Chase has jumped on the Facebook Live train with a plan to live stream performances from rock legend Eric Clapton’s upcoming tour on its Facebook Page this weekend. The bank is sponsoring Clapton’s North American tour and plans to broadcast four songs from the concert at in Inglewood, California this weekend exclusively on its Facebook page. Like most brands using Facebook Live, Chase will rely on push notifications to drive tune-in for these live performances.
What Brands Need To Do
Brand marketers looking to enter the livestreaming arena should take a cue from this partnership and learn to amplify their sponsored events. Branded live streams during big media events offer brands a great shortcut to get their content in front of a mobile audience in real time. Previously brands such as GE and Toyota have leveraged live-streamed events to amplify their sponsorships. Therefore, brands that wish to stay connected to consumers need to figure out what content their customers would want to see and find the right live-streaming platform to reach them.
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The next big competitor for Apple Pay may not be Android Pay or Samsung Pay after all. Instead, It could be one of the homegrown mobile payment solutions some banks are developing. Last week, Capital One added a new mobile payment feature to its Android app, becoming the first U.S. bank to release tap-to-pay functionality in mobile app. Likewise, earlier today Chase introduced its digital wallet service named Chase Pay, which allows users to pay with a QR code within the Chase Pay app. Chase partnered with MCX, the consortium of retailers led by Walmart, to get Chase Pay accepted in MCX’s member stores, where the Chase customers will have to use Chase Pay inside the CurrentC app instead. Chase Pay is said to be aiming for a mid-2016 launch.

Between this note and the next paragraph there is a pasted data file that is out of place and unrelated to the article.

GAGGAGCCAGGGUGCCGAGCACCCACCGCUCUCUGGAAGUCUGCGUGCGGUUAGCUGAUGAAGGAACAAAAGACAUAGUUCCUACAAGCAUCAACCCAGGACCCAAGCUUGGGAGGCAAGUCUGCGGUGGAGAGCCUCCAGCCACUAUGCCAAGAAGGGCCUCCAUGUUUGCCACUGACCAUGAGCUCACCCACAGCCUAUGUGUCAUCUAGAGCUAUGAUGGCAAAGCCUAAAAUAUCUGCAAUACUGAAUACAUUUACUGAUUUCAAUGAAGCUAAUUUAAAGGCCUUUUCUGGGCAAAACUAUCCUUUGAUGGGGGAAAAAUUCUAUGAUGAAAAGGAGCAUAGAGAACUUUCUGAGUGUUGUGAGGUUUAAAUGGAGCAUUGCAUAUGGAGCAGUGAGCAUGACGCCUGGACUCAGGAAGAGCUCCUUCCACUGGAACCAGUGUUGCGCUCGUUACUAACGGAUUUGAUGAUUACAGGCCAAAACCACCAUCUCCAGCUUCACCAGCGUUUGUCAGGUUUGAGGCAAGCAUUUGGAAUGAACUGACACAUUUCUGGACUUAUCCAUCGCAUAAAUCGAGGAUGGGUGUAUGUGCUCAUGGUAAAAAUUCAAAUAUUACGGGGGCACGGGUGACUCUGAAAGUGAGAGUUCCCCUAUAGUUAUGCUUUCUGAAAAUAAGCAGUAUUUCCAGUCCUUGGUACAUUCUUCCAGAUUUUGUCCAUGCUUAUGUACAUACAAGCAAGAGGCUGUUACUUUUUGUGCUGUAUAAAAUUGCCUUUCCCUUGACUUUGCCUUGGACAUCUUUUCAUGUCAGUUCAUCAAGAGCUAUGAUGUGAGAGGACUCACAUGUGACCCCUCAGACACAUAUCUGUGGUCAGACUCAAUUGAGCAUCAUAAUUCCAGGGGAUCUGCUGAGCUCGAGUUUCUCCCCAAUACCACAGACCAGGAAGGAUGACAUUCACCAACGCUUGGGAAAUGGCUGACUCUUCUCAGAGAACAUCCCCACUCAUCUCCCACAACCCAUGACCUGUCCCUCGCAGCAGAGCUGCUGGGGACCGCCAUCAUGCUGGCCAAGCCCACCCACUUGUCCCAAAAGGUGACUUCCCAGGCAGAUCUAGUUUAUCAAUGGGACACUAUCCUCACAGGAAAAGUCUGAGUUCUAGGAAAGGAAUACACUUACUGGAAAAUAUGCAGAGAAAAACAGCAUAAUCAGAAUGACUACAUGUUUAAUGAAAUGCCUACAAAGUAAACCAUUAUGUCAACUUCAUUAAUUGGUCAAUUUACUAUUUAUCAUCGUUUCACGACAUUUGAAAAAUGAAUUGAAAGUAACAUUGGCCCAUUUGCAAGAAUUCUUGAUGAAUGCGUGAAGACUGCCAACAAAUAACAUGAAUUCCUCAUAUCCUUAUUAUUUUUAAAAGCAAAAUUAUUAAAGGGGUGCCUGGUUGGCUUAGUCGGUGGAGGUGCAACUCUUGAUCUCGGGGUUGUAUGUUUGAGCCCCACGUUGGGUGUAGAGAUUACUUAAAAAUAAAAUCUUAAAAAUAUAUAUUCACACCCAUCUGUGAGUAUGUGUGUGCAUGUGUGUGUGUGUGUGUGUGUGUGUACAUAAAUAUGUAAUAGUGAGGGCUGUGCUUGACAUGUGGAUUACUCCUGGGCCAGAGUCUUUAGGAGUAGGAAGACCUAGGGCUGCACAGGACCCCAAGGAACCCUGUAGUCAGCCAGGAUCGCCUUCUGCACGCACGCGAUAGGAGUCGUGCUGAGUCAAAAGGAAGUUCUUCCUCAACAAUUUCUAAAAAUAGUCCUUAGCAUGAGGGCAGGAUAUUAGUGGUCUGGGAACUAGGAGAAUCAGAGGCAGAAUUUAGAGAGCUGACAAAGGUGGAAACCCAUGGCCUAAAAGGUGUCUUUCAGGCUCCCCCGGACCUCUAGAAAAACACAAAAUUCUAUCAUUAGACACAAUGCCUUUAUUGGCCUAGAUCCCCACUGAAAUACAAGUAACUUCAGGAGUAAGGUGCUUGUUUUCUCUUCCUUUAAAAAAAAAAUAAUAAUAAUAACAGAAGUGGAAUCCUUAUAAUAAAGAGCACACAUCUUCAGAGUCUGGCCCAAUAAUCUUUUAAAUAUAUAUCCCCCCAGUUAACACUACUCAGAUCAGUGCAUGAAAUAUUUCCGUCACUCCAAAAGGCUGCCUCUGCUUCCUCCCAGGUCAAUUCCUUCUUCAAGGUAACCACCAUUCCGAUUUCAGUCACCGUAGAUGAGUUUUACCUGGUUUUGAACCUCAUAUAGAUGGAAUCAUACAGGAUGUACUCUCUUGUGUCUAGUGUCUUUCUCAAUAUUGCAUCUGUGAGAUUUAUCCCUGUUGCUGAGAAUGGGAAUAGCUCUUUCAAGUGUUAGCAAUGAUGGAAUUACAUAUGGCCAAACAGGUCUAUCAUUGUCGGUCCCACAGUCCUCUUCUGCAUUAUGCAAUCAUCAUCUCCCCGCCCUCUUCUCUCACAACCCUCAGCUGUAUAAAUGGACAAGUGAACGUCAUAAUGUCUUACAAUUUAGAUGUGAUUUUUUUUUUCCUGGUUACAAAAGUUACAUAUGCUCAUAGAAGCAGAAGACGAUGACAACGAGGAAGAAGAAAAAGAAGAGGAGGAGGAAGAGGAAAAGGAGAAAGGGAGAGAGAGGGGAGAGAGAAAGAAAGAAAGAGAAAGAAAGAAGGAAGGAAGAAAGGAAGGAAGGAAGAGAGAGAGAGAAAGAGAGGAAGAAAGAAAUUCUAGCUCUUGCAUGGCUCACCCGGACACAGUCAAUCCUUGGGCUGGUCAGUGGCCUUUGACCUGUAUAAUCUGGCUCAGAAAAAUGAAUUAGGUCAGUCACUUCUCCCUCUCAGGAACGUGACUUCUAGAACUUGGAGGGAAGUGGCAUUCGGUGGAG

Banks have long enjoyed a stranglehold on payment solutions, either with cash or cards. They faced some challenges from digital payment solutions such as PayPal, but have remained largely unfazed in monopolizing the way people make purchases in the real world. But the recent rise of mobile payment, made viable by the proliferation of smartphones and kickstarted by the introduction of Apple Pay last year, has threatened to undercut banks’ market dominance in consumer payments. Therefore, it’s no surprise that some banks are now scrambling to come up with their own mobile payment solutions, despite their low profit margins. However, if Chase Pay’s confusing UX design, complicated by its affiliation with MCX, is any indication, the banks still have a long way to go before their products can truly compete with the likes of Apple Pay.